Last week U.S. Education Secretary Betsy DeVos criticized a “free speech” policy at Arkansas State University.
You may recall nearly a year ago attorneys with Alliance Defending Freedom filed a lawsuit in federal court against Arkansas State University after the school attempted to suppress free speech by its students.
ADF says the school has tried to limit speech to sanctioned “free speech” zones. The university’s policy reportedly restricts free speech to 1% of its Jonesboro campus. When a student wanted to set up a table outside the student union to generate interest in forming a chapter of the group Turning Point USA on campus, a school administrator stopped her, citing the university’s speech policy.
At an event in Philadelphia last week, DeVos acknowledged the situation and criticized the school’s policy, saying,
As the purpose of learning is forgotten, ignored or denied, we are inundated daily with stories of administrators and faculty manipulating marketplaces of ideas.
Take what recently happened to a student at Arkansas State University. She wanted to recruit for a student organization she was founding, but soon learned it first had to be approved by the university. Even then, she still had to apply for a permission slip to distribute materials.
And all of the activity had to occur within the confines of a “speech zone,” typically obscure, small, cordoned-off corners of campus where free expression is “permitted.” These so-called “free speech zones” are popping up on campuses across the country, but they’re not at all free.
The Arkansas State student proceeded to set up shop, and was promptly removed by a university administrator and a campus police officer. She’s suing, and a judge recently allowed the action to proceed.
College campuses used to be places where students could freely exchange ideas. However, we are increasingly seeing attempts by school administrators to restrict speech on campus — especially speech by conservative and pro-life students.
Alliance Defending Freedom has an excellent track record litigating cases like this one in Jonesboro. Given that history, it seems likely the school’s anti-speech policies will not hold up in court.
Last week the Satanic Temple caused quite a stir when it parked 7½-foot statue of baphomet — a satanic figure — in front of the Capitol Building for a couple of hours.
Protesters cheered, screamed expletives, and shouted, “Hail Satan” as the statue was unveiled on the back of a flatbed trailer.
To be clear, the statue did not stay on the Capitol lawn. It was hauled away after the protest finished.
The stunt was part of a rally the Satanic Temple organized to protest Arkansas’ monument of the Ten Commandments.
The Satanic Temple had threatened to place the statue on the Capitol grounds if the Arkansas Legislature went through with plans to install a monument of the Ten Commandments. However, the threats never went anywhere, because monuments require legislative authorization; not just anyone can put a permanent statue on the Capitol lawn.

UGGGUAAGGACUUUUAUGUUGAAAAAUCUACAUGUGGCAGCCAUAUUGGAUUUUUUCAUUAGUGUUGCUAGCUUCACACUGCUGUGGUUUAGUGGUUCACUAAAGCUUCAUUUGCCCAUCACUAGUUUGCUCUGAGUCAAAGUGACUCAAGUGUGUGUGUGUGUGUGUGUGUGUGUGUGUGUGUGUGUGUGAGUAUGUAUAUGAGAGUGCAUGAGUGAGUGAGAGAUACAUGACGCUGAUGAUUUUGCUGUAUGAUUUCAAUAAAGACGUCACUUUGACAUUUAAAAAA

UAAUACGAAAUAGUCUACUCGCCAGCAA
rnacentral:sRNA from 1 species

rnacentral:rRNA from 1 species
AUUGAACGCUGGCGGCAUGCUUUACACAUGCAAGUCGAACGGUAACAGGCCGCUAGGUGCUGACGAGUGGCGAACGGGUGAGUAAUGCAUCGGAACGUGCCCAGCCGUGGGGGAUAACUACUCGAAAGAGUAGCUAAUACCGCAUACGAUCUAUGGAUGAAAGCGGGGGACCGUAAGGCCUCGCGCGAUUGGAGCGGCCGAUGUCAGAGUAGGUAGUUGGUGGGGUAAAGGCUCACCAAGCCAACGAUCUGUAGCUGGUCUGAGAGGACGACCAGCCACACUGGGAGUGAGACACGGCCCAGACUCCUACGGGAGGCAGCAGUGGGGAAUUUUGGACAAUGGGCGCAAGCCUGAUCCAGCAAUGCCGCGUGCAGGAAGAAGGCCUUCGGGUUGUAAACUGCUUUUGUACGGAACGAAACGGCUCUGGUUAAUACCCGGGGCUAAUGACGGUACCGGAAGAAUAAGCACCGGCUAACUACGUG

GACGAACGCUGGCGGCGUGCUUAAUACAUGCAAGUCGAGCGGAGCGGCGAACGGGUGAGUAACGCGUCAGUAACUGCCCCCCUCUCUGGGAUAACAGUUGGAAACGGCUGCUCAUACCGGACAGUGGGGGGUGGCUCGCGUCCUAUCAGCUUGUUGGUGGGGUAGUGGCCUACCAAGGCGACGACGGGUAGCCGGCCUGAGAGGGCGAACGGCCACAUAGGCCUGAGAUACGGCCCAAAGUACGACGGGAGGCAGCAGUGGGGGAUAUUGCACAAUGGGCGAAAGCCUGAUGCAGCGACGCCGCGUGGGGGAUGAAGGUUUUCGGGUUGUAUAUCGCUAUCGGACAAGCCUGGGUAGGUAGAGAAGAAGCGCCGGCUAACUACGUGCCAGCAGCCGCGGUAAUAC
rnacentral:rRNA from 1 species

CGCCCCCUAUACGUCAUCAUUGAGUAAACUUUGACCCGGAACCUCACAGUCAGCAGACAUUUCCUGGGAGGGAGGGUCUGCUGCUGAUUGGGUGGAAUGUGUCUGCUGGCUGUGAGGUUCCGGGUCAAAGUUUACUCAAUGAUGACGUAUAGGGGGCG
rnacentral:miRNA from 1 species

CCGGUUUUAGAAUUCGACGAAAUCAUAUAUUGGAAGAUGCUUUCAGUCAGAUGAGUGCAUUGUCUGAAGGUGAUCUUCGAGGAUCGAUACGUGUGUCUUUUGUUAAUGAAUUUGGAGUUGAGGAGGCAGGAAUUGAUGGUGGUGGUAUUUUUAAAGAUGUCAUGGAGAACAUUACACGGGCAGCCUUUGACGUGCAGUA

However, a few Christians on social media have expressed concerns that the State of Arkansas ought to remove the Ten Commandments monument to ensure it’s never forced to allow a satanic statue on the Capitol lawn as well.
Here’s the problem with that line of thinking:
There’s no moral equivalence between the Ten Commandments and baphomet.
The Ten Commandments are one of the earliest examples of the rule of law in the history of human civilization. They were meant to apply to everyone equally. They helped spawn the idea that people could be governed by constitutions and laws instead of kings. That’s why even secular historians down through the years have recognized the significance of the Ten Commandments.
Satanism and paganism did not do any of those things.
The Ten Commandments monument that Arkansas’ lawmakers voted to place on the Capitol lawn celebrates the impact and legacy of the Ten Commandments on Western Civilization, and it is identical to a monument the U.S. Supreme Court ruled constitutional in Texas a few years ago.
Does baphomet have that kind of legacy in our culture? Did Satan give us the rule of law or the idea of human equality? No.
Saying Arkansas’ monument of the Ten Commandments somehow forces the state to put a satanic statue on the Capitol lawn implies that the Ten Commandments and baphomet are somehow equal. They aren’t. One stands for righteousness, order, and the rule of law. The other stands for rebellion, chaos, and lawlessness.
There simply is no comparison.
In what can best be described as a circus, the Satanic Temple held a protest rally on the steps of the Arkansas Capitol Building yesterday.
The Satanic Temple held the event to protest Arkansas’ monument of the Ten Commandments unveiled earlier this year; the monument celebrates the impact and legacy of the Ten Commandments in American law.
In protest, the group parked a flatbed trailer holding a 7½-foot statue of baphomet — a satanic figure — in front of the Capitol Building. Protesters cheered and shouted expletives as the statue was unveiled.
The group had originally threatened to put the monument on the Capitol grounds, but nothing ever came of the threat, because monuments require legislative approval.
Altogether, we estimate there were somewhere around 100 participants in the satanic rally. An additional 100 – 200 people were also present on the Capitol lawn as part of various counter-protests or as onlookers.
Frankly, there just shouldn’t be anything controversial about honoring the significance of the Ten Commandments.
As we’ve said many times, the Ten Commandments are one of the earliest examples of the rule of law in human history, and they have had a tremendous impact on western civilization. The Magna Carta, the Declaration of Independence, the Constitution, and the Bill of Rights are amazing documents, but the Ten Commandments are the great-great-granddaddy of them all.